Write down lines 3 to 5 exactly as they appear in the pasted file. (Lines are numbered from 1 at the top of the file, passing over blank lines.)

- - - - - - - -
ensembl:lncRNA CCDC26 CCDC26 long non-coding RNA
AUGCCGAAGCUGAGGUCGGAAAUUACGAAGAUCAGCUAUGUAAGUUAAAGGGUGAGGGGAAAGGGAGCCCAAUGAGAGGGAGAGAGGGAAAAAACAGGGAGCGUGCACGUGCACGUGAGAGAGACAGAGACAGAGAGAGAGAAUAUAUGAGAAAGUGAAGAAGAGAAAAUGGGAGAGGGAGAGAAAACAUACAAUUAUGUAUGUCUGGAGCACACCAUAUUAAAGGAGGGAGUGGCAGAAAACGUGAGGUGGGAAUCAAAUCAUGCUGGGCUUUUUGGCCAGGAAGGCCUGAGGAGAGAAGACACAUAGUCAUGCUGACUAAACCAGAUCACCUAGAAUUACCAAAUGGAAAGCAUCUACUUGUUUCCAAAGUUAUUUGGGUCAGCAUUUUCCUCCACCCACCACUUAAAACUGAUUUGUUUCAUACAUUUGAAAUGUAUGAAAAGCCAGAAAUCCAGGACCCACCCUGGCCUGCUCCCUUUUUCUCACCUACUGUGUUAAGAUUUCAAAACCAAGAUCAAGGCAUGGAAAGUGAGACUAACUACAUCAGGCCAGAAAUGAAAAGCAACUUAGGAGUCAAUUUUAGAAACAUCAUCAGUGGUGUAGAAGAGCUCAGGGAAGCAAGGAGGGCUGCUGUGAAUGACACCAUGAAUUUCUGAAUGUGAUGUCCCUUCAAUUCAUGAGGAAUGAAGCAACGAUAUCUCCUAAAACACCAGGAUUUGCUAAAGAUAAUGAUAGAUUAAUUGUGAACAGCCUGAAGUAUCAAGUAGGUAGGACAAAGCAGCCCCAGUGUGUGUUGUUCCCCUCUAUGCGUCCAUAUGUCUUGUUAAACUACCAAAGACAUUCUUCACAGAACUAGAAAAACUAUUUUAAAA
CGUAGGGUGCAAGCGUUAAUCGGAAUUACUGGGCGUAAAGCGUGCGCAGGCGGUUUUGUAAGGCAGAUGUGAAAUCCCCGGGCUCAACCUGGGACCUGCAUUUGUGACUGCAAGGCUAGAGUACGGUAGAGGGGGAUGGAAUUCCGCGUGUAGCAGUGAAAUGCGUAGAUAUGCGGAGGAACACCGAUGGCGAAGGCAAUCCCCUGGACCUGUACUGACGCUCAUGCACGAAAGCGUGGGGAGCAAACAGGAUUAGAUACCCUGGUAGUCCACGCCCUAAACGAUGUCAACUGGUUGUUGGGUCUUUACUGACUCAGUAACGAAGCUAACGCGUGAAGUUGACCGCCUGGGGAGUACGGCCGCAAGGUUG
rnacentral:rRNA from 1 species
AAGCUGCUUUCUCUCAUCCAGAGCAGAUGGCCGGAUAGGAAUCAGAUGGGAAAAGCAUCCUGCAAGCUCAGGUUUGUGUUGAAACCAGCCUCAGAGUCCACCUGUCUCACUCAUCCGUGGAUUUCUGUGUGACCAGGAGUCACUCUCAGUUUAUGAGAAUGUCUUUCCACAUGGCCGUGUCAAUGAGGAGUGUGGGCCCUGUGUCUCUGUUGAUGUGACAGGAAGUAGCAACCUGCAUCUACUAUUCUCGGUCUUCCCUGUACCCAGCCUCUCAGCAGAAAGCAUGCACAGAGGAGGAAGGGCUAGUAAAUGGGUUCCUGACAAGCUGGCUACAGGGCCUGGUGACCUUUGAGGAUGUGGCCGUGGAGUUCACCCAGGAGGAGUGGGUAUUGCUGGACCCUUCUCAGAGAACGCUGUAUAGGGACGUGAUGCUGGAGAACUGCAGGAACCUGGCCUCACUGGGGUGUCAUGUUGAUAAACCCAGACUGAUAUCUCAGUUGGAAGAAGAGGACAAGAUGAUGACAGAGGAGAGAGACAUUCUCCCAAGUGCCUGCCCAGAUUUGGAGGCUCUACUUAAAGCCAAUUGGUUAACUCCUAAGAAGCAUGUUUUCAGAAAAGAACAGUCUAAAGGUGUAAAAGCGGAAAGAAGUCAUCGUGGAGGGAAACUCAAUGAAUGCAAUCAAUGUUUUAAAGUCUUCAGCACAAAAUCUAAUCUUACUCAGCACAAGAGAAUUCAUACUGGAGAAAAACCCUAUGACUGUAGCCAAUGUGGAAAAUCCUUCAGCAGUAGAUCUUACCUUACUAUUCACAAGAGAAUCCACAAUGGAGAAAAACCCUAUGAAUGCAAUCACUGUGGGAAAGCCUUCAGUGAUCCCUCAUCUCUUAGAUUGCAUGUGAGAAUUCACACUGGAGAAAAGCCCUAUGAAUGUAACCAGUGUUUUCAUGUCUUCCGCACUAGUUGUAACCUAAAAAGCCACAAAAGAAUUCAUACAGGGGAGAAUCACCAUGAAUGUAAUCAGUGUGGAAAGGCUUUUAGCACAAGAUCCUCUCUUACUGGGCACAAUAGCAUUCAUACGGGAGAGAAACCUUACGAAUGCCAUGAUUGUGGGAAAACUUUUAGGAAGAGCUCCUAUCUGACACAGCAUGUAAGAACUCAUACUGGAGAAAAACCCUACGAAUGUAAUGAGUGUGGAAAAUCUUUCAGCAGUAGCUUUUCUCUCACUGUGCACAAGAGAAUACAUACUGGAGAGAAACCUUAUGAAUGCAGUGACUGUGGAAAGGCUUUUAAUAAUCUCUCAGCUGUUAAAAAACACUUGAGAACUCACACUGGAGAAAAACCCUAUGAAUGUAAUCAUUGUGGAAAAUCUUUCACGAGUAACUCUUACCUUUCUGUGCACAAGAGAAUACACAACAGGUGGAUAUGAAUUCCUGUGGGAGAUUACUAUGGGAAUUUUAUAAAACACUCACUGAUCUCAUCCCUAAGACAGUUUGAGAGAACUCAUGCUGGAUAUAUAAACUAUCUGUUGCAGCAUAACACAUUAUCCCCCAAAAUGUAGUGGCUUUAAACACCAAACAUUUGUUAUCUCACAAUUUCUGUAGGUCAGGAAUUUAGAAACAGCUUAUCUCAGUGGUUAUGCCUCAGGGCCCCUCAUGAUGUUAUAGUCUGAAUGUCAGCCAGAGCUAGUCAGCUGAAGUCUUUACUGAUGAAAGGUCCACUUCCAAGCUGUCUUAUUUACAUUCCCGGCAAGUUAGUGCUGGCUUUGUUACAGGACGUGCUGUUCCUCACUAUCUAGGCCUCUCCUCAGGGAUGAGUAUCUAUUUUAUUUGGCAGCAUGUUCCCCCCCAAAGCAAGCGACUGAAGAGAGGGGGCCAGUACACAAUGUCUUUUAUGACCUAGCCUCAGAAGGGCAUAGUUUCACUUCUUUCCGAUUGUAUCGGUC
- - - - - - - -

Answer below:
CGUAGGGUGCAAGCGUUAAUCGGAAUUACUGGGCGUAAAGCGUGCGCAGGCGGUUUUGUAAGGCAGAUGUGAAAUCCCCGGGCUCAACCUGGGACCUGCAUUUGUGACUGCAAGGCUAGAGUACGGUAGAGGGGGAUGGAAUUCCGCGUGUAGCAGUGAAAUGCGUAGAUAUGCGGAGGAACACCGAUGGCGAAGGCAAUCCCCUGGACCUGUACUGACGCUCAUGCACGAAAGCGUGGGGAGCAAACAGGAUUAGAUACCCUGGUAGUCCACGCCCUAAACGAUGUCAACUGGUUGUUGGGUCUUUACUGACUCAGUAACGAAGCUAACGCGUGAAGUUGACCGCCUGGGGAGUACGGCCGCAAGGUUG
rnacentral:rRNA from 1 species
AAGCUGCUUUCUCUCAUCCAGAGCAGAUGGCCGGAUAGGAAUCAGAUGGGAAAAGCAUCCUGCAAGCUCAGGUUUGUGUUGAAACCAGCCUCAGAGUCCACCUGUCUCACUCAUCCGUGGAUUUCUGUGUGACCAGGAGUCACUCUCAGUUUAUGAGAAUGUCUUUCCACAUGGCCGUGUCAAUGAGGAGUGUGGGCCCUGUGUCUCUGUUGAUGUGACAGGAAGUAGCAACCUGCAUCUACUAUUCUCGGUCUUCCCUGUACCCAGCCUCUCAGCAGAAAGCAUGCACAGAGGAGGAAGGGCUAGUAAAUGGGUUCCUGACAAGCUGGCUACAGGGCCUGGUGACCUUUGAGGAUGUGGCCGUGGAGUUCACCCAGGAGGAGUGGGUAUUGCUGGACCCUUCUCAGAGAACGCUGUAUAGGGACGUGAUGCUGGAGAACUGCAGGAACCUGGCCUCACUGGGGUGUCAUGUUGAUAAACCCAGACUGAUAUCUCAGUUGGAAGAAGAGGACAAGAUGAUGACAGAGGAGAGAGACAUUCUCCCAAGUGCCUGCCCAGAUUUGGAGGCUCUACUUAAAGCCAAUUGGUUAACUCCUAAGAAGCAUGUUUUCAGAAAAGAACAGUCUAAAGGUGUAAAAGCGGAAAGAAGUCAUCGUGGAGGGAAACUCAAUGAAUGCAAUCAAUGUUUUAAAGUCUUCAGCACAAAAUCUAAUCUUACUCAGCACAAGAGAAUUCAUACUGGAGAAAAACCCUAUGACUGUAGCCAAUGUGGAAAAUCCUUCAGCAGUAGAUCUUACCUUACUAUUCACAAGAGAAUCCACAAUGGAGAAAAACCCUAUGAAUGCAAUCACUGUGGGAAAGCCUUCAGUGAUCCCUCAUCUCUUAGAUUGCAUGUGAGAAUUCACACUGGAGAAAAGCCCUAUGAAUGUAACCAGUGUUUUCAUGUCUUCCGCACUAGUUGUAACCUAAAAAGCCACAAAAGAAUUCAUACAGGGGAGAAUCACCAUGAAUGUAAUCAGUGUGGAAAGGCUUUUAGCACAAGAUCCUCUCUUACUGGGCACAAUAGCAUUCAUACGGGAGAGAAACCUUACGAAUGCCAUGAUUGUGGGAAAACUUUUAGGAAGAGCUCCUAUCUGACACAGCAUGUAAGAACUCAUACUGGAGAAAAACCCUACGAAUGUAAUGAGUGUGGAAAAUCUUUCAGCAGUAGCUUUUCUCUCACUGUGCACAAGAGAAUACAUACUGGAGAGAAACCUUAUGAAUGCAGUGACUGUGGAAAGGCUUUUAAUAAUCUCUCAGCUGUUAAAAAACACUUGAGAACUCACACUGGAGAAAAACCCUAUGAAUGUAAUCAUUGUGGAAAAUCUUUCACGAGUAACUCUUACCUUUCUGUGCACAAGAGAAUACACAACAGGUGGAUAUGAAUUCCUGUGGGAGAUUACUAUGGGAAUUUUAUAAAACACUCACUGAUCUCAUCCCUAAGACAGUUUGAGAGAACUCAUGCUGGAUAUAUAAACUAUCUGUUGCAGCAUAACACAUUAUCCCCCAAAAUGUAGUGGCUUUAAACACCAAACAUUUGUUAUCUCACAAUUUCUGUAGGUCAGGAAUUUAGAAACAGCUUAUCUCAGUGGUUAUGCCUCAGGGCCCCUCAUGAUGUUAUAGUCUGAAUGUCAGCCAGAGCUAGUCAGCUGAAGUCUUUACUGAUGAAAGGUCCACUUCCAAGCUGUCUUAUUUACAUUCCCGGCAAGUUAGUGCUGGCUUUGUUACAGGACGUGCUGUUCCUCACUAUCUAGGCCUCUCCUCAGGGAUGAGUAUCUAUUUUAUUUGGCAGCAUGUUCCCCCCCAAAGCAAGCGACUGAAGAGAGGGGGCCAGUACACAAUGUCUUUUAUGACCUAGCCUCAGAAGGGCAUAGUUUCACUUCUUUCCGAUUGUAUCGGUC